Via The Ottawa Citizen
Peter Simpson - The Big Beat
Published on: November 16, 2015
Still photography was dead, or so they said. Ubiquitous video would make still photography obsolete, anachronistic, unnecessary.
The photographer Stephen Wilkes knows otherwise.
“To me, this is the most exciting moment in the history of photography. The potential to explore things that we’ve never done in a still photograph are so great,” says Wilkes, by phone from his studio in Westport, Connecticut. “I’ve been very conscious of using new technologies in the medium to push the medium outward.”
His “Day to Night” images, which compress multiple frames of the same scene taken from dawn to dusk — but which are not time-lapse photography — demonstrate his drive to show familiar as anew.
To me, what Day to Night is, it’s changing the way you look at a still photograph,” says Wilkes, who will be at the National Gallery Nov. 19 for the U.S. embassy’s art-lecture series, Contemporary Conversations.
I chat with Wilkes for 51 minutes and, I confess, I’m not entirely clear on how he made the Day for Night photographs, most famously his image of Barack Obama’s first inauguration as president of the United States.
Presidential Inauguration, Day to Night, 2013, by Stephen Wilkes
The inaugural photograph appears to be a single image of more than 800,000 people crowded onto the Mall leading to the steps of Capitol Hill in Washington, D.C. Far in the distance, the president stands with his hand raised, swearing fealty to the constitution.
Curiously, an orange dawn breaks on the right side of the frame, while dark night creeps on the left. The people on the right side may be only a few hundred feet from the people on the left, but they are also separated by 10 hours.
Wilkes was amid the vast crowd and 50 feet in the air on a scissor lift, and he shot as many as 2,500 frames from sun up to sundown on “a bloody cold day,” the entire time a slave to precision.
“If I shift my weight every time I take a picture, if my feet are not in the exact same position, then my horizon line changes,” he says, and describes how he had to put down tape marks for his feet, and for those of his assistant. It must have looked like a crime scene up there.
He then whittled the hundreds of frames down to 50, and made them into a sort of collage, “almost like a time capsule, on this day, in this place. . . . It’s like a giant puzzle I do in my head as I work.”
The only obvious hint that it’s a composite image, other than the weird dichotomy of light and dark, are the differing views of the president shown on huge video screens at the side of the Mall.
“Day to Night is almost a synthesis of all the things that I love about the medium of photography. . . In a way I’m putting a face on time,” Wilkes says, and then talks of how we remember, together, a time that’s passed. “I’m very interested in the idea of what our collective memory is, as a species.”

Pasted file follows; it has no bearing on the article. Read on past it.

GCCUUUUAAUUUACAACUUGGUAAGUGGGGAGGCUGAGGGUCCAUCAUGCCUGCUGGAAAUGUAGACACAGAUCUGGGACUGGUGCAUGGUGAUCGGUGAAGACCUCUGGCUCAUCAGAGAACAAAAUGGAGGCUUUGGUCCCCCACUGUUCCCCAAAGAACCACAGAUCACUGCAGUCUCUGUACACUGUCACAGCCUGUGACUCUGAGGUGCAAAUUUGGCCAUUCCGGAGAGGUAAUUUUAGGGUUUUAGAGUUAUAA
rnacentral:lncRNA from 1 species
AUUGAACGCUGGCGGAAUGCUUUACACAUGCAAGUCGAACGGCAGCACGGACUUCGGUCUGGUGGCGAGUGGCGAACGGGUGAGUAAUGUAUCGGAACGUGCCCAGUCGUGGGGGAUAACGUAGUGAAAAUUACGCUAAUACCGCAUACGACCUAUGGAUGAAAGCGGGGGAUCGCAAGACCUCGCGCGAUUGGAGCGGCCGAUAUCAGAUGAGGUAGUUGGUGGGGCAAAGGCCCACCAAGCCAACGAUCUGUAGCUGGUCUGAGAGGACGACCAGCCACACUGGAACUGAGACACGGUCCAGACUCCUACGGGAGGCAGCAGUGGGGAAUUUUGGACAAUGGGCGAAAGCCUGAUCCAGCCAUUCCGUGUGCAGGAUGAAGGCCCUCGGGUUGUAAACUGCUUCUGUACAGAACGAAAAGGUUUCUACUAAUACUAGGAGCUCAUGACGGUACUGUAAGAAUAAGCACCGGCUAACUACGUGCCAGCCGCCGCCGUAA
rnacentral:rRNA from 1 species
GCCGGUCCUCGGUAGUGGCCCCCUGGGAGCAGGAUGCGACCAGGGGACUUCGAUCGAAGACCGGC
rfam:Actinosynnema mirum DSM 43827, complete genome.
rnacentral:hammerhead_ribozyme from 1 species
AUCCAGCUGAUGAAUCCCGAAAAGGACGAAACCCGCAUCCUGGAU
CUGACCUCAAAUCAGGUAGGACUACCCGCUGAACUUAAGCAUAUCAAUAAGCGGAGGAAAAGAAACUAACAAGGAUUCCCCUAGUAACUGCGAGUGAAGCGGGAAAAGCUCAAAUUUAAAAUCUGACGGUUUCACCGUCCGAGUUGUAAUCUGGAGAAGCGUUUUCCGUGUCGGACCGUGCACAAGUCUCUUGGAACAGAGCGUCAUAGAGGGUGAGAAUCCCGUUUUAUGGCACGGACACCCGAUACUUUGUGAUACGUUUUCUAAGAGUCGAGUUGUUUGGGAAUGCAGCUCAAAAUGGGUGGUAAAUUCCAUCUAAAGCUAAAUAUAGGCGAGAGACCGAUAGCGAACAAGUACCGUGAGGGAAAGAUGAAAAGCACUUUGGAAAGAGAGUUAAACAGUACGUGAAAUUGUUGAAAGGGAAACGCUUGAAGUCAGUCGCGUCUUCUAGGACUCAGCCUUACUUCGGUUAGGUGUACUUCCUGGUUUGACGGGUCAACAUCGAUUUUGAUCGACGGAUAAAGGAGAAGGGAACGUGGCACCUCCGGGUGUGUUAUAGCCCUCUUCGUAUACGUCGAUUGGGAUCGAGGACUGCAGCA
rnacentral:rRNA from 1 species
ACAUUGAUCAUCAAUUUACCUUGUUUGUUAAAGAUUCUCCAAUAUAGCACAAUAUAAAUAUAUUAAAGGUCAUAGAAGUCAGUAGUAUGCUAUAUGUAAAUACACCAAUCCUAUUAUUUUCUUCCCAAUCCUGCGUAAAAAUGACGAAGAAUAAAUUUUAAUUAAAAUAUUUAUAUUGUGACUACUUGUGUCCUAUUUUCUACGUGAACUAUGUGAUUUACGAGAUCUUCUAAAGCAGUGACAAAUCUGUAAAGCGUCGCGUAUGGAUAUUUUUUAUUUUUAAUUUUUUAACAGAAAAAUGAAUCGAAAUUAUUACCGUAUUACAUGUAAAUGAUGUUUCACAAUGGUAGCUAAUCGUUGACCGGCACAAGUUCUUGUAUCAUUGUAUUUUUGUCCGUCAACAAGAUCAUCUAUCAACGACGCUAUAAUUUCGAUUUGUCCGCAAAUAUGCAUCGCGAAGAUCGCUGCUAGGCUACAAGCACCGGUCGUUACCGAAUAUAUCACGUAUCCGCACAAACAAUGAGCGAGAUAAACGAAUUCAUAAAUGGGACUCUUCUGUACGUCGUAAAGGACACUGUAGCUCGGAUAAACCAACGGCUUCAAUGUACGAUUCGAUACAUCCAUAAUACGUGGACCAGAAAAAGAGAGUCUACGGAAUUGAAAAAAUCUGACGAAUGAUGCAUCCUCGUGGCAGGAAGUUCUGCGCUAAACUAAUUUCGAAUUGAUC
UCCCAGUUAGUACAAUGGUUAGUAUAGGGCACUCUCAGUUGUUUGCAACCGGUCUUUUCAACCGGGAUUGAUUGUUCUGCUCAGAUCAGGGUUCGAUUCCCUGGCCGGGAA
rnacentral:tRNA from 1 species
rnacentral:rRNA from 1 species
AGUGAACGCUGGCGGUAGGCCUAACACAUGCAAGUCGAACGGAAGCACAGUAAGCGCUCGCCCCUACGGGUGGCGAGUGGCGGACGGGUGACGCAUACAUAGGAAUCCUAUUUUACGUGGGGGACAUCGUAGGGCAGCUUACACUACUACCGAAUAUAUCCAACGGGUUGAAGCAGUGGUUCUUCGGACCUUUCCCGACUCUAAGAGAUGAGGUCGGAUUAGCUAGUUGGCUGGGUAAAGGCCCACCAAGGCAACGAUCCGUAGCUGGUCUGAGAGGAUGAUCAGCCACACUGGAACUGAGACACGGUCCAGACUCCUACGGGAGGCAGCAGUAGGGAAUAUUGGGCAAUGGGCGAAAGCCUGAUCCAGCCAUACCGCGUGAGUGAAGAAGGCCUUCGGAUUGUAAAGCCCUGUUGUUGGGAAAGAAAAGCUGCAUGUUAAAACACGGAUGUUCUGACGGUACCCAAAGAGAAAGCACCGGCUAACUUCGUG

I’ve already gone well over my allotted time for our interview — usually 20 minutes or so — but Wilkes, after two decades of work, remains infectiously enthusiastic.
He describes at length his experiences while photographing abandoned, decaying structures at Ellis Island in New York harbour, once the arrival point for millions of immigrants to the U.S., and at the Bethlehem Steel plant.
“There was a palpable sense of humanity in these historic places that, in a way, I never really understood or realized you could really capture,” he says. “I think the greatest rewards have been when people see these multiple bodies of work that I’ve done and they say to me, ‘I can feel my ancestors in your pictures. I can feel the people in your photographs.’”
He talks passionately of photographing the effects of the Gulf of Mexico oil spill on New Orleans, and of shooting nudes for the first time, in a remarkable series, after 9/11. “Our lives were turned upside down. I felt like I wanted to go back and think about what the creation was like.”
He recounts going to the Metropolitan Museum of Art for the first time, at age 14, and being deeply influenced by a Bruegel the Elder painting, the Harvesters. “I remember walking up to it and looking closely at these men in the field, and it was almost as if I could feel the sweat on their brow.”
Wilkes had been taking photographs for two years at that point, and says “nothing ever made me feel like that. I loved the idea of capturing a moment on film.”
Decades later, his belief in photography as an catalyst for change is undiminished.
“I find that by creating images that have an inherent beauty, people will look at them for just a second, and if I get you for just a second, then I think I can make you think a little deeper about what I’m showing you.” And, emphatically, “The power of the single image is the way.”
As for the photography-is-dead crowd, let them be damned.
When & where: 6 p.m., Nov. 19 at the National Gallery. Tickets, free.